• Voltmeters measure voltage, and ammeters measure current. Analog meters are based on the combination of a resistor and a galvanometer, a device that gives an analog reading of current or voltage. Digital meters are based on analog-to-digital converters and provide a discrete or digital measurement of the current or voltage.
  • A voltmeter is placed in parallel with the voltage source to receive full voltage and must have a large resistance to limit its effect on the circuit.
  • An ammeter is placed in series to get the full current flowing through a branch and must have a small resistance to limit its effect on the circuit.
  • Standard voltmeters and ammeters alter the circuit they are connected to and are thus limited in accuracy.
  • Ohmmeters are used to measure resistance. The component in which the resistance is to be measured should be isolated (removed) from the circuit.

10.5 RC Circuits

  • An RC circuit is one that has both a resistor and a capacitor.
  • The time constant ττ for an RC circuit is τ=RC.τ=RC.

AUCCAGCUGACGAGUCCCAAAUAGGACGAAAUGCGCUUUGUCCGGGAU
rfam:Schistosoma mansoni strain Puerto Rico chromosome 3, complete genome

• When an initially uncharged (q=0 at t=0)(q=0 at t=0) capacitor in series with a resistor is charged by a dc voltage source, the capacitor asymptotically approaches the maximum charge.
  • As the charge on the capacitor increases, the current exponentially decreases from the initial current: I0=ε/R.I0=ε/R.
  • If a capacitor with an initial charge Q is discharged through a resistor starting at t=0t=0, then its charge decreases exponentially. The current flows in the opposite direction, compared to when it charges, and the magnitude of the charge decreases with time.

10.6 Household Wiring and Electrical Safety

  • The two types of electric hazards are thermal (excessive power) and shock (current through a person). Electrical safety systems and devices are employed to prevent thermal and shock hazards.
  • Shock severity is determined by current, path, duration, and ac frequency.
  • Circuit breakers and fuses interrupt excessive currents to prevent thermal hazards.
  • The three-wire system guards against thermal and shock hazards, utilizing live/hot, neutral, and ground wires, and grounding the neutral wire and case of the appliance.
  • A ground fault circuit interrupter (GFCI) prevents shock by detecting the loss of current to unintentional paths.